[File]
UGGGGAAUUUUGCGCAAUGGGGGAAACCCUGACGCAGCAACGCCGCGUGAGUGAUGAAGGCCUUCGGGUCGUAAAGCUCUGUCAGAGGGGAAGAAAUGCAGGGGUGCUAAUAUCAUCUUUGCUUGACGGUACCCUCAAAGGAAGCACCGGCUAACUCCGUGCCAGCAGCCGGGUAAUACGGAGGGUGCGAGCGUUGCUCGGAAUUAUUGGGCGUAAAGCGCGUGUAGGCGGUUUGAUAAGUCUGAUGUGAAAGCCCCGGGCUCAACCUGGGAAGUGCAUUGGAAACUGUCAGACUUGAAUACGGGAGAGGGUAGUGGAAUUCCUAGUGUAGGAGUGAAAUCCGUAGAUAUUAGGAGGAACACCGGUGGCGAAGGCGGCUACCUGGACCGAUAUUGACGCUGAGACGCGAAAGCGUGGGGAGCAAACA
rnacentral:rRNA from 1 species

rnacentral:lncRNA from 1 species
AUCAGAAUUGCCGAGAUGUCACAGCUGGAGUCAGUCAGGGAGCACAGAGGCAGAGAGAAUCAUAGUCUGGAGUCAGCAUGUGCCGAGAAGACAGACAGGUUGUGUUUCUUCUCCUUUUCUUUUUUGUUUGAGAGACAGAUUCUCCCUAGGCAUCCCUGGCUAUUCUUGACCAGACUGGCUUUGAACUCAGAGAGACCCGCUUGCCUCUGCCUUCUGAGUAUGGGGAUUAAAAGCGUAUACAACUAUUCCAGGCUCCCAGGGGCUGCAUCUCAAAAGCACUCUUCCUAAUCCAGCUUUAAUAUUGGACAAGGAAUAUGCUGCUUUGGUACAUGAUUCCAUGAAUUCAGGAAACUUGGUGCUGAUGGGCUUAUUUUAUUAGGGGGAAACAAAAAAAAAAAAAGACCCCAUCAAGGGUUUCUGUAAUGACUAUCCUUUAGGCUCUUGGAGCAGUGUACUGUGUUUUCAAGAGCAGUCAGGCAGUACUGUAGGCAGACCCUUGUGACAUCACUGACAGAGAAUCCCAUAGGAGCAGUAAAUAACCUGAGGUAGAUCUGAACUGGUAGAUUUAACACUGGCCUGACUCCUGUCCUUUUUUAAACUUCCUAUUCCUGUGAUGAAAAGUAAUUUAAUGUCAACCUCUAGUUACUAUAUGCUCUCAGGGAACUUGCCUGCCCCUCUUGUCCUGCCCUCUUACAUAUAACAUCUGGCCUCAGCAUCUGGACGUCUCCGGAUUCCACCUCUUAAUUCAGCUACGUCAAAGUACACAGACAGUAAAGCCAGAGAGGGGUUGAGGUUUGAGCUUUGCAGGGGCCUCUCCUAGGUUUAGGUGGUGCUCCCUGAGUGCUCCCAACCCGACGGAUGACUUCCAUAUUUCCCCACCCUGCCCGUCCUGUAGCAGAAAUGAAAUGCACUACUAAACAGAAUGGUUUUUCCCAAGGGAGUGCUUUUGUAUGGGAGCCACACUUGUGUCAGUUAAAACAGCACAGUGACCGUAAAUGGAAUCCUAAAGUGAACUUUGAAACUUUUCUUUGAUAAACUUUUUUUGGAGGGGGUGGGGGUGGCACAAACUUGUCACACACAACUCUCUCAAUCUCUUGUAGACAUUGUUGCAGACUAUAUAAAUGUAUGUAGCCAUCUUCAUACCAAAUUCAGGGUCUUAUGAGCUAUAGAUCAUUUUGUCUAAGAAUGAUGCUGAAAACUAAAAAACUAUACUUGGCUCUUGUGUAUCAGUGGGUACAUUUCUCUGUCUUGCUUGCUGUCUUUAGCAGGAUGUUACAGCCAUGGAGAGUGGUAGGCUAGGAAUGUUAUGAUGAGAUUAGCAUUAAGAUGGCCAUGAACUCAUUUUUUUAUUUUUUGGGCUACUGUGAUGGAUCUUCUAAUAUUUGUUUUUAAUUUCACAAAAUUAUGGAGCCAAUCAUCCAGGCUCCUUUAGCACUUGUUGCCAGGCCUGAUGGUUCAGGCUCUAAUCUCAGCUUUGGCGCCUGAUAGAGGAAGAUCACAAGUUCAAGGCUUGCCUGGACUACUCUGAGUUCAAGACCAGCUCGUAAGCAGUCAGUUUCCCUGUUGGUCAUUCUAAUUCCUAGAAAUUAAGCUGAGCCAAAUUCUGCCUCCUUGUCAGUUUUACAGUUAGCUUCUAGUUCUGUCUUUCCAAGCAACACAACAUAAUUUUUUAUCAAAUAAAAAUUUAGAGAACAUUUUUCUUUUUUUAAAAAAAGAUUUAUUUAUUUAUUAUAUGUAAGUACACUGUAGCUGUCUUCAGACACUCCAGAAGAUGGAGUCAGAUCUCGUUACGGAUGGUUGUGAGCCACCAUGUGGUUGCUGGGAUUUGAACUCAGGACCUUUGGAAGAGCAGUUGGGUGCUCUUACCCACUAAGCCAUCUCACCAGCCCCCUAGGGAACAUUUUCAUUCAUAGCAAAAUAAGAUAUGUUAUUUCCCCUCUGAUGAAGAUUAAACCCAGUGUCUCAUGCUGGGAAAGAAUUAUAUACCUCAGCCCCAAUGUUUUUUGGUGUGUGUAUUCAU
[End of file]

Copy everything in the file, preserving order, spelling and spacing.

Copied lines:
UGGGGAAUUUUGCGCAAUGGGGGAAACCCUGACGCAGCAACGCCGCGUGAGUGAUGAAGGCCUUCGGGUCGUAAAGCUCUGUCAGAGGGGAAGAAAUGCAGGGGUGCUAAUAUCAUCUUUGCUUGACGGUACCCUCAAAGGAAGCACCGGCUAACUCCGUGCCAGCAGCCGGGUAAUACGGAGGGUGCGAGCGUUGCUCGGAAUUAUUGGGCGUAAAGCGCGUGUAGGCGGUUUGAUAAGUCUGAUGUGAAAGCCCCGGGCUCAACCUGGGAAGUGCAUUGGAAACUGUCAGACUUGAAUACGGGAGAGGGUAGUGGAAUUCCUAGUGUAGGAGUGAAAUCCGUAGAUAUUAGGAGGAACACCGGUGGCGAAGGCGGCUACCUGGACCGAUAUUGACGCUGAGACGCGAAAGCGUGGGGAGCAAACA
rnacentral:rRNA from 1 species

rnacentral:lncRNA from 1 species
AUCAGAAUUGCCGAGAUGUCACAGCUGGAGUCAGUCAGGGAGCACAGAGGCAGAGAGAAUCAUAGUCUGGAGUCAGCAUGUGCCGAGAAGACAGACAGGUUGUGUUUCUUCUCCUUUUCUUUUUUGUUUGAGAGACAGAUUCUCCCUAGGCAUCCCUGGCUAUUCUUGACCAGACUGGCUUUGAACUCAGAGAGACCCGCUUGCCUCUGCCUUCUGAGUAUGGGGAUUAAAAGCGUAUACAACUAUUCCAGGCUCCCAGGGGCUGCAUCUCAAAAGCACUCUUCCUAAUCCAGCUUUAAUAUUGGACAAGGAAUAUGCUGCUUUGGUACAUGAUUCCAUGAAUUCAGGAAACUUGGUGCUGAUGGGCUUAUUUUAUUAGGGGGAAACAAAAAAAAAAAAAGACCCCAUCAAGGGUUUCUGUAAUGACUAUCCUUUAGGCUCUUGGAGCAGUGUACUGUGUUUUCAAGAGCAGUCAGGCAGUACUGUAGGCAGACCCUUGUGACAUCACUGACAGAGAAUCCCAUAGGAGCAGUAAAUAACCUGAGGUAGAUCUGAACUGGUAGAUUUAACACUGGCCUGACUCCUGUCCUUUUUUAAACUUCCUAUUCCUGUGAUGAAAAGUAAUUUAAUGUCAACCUCUAGUUACUAUAUGCUCUCAGGGAACUUGCCUGCCCCUCUUGUCCUGCCCUCUUACAUAUAACAUCUGGCCUCAGCAUCUGGACGUCUCCGGAUUCCACCUCUUAAUUCAGCUACGUCAAAGUACACAGACAGUAAAGCCAGAGAGGGGUUGAGGUUUGAGCUUUGCAGGGGCCUCUCCUAGGUUUAGGUGGUGCUCCCUGAGUGCUCCCAACCCGACGGAUGACUUCCAUAUUUCCCCACCCUGCCCGUCCUGUAGCAGAAAUGAAAUGCACUACUAAACAGAAUGGUUUUUCCCAAGGGAGUGCUUUUGUAUGGGAGCCACACUUGUGUCAGUUAAAACAGCACAGUGACCGUAAAUGGAAUCCUAAAGUGAACUUUGAAACUUUUCUUUGAUAAACUUUUUUUGGAGGGGGUGGGGGUGGCACAAACUUGUCACACACAACUCUCUCAAUCUCUUGUAGACAUUGUUGCAGACUAUAUAAAUGUAUGUAGCCAUCUUCAUACCAAAUUCAGGGUCUUAUGAGCUAUAGAUCAUUUUGUCUAAGAAUGAUGCUGAAAACUAAAAAACUAUACUUGGCUCUUGUGUAUCAGUGGGUACAUUUCUCUGUCUUGCUUGCUGUCUUUAGCAGGAUGUUACAGCCAUGGAGAGUGGUAGGCUAGGAAUGUUAUGAUGAGAUUAGCAUUAAGAUGGCCAUGAACUCAUUUUUUUAUUUUUUGGGCUACUGUGAUGGAUCUUCUAAUAUUUGUUUUUAAUUUCACAAAAUUAUGGAGCCAAUCAUCCAGGCUCCUUUAGCACUUGUUGCCAGGCCUGAUGGUUCAGGCUCUAAUCUCAGCUUUGGCGCCUGAUAGAGGAAGAUCACAAGUUCAAGGCUUGCCUGGACUACUCUGAGUUCAAGACCAGCUCGUAAGCAGUCAGUUUCCCUGUUGGUCAUUCUAAUUCCUAGAAAUUAAGCUGAGCCAAAUUCUGCCUCCUUGUCAGUUUUACAGUUAGCUUCUAGUUCUGUCUUUCCAAGCAACACAACAUAAUUUUUUAUCAAAUAAAAAUUUAGAGAACAUUUUUCUUUUUUUAAAAAAAGAUUUAUUUAUUUAUUAUAUGUAAGUACACUGUAGCUGUCUUCAGACACUCCAGAAGAUGGAGUCAGAUCUCGUUACGGAUGGUUGUGAGCCACCAUGUGGUUGCUGGGAUUUGAACUCAGGACCUUUGGAAGAGCAGUUGGGUGCUCUUACCCACUAAGCCAUCUCACCAGCCCCCUAGGGAACAUUUUCAUUCAUAGCAAAAUAAGAUAUGUUAUUUCCCCUCUGAUGAAGAUUAAACCCAGUGUCUCAUGCUGGGAAAGAAUUAUAUACCUCAGCCCCAAUGUUUUUUGGUGUGUGUAUUCAU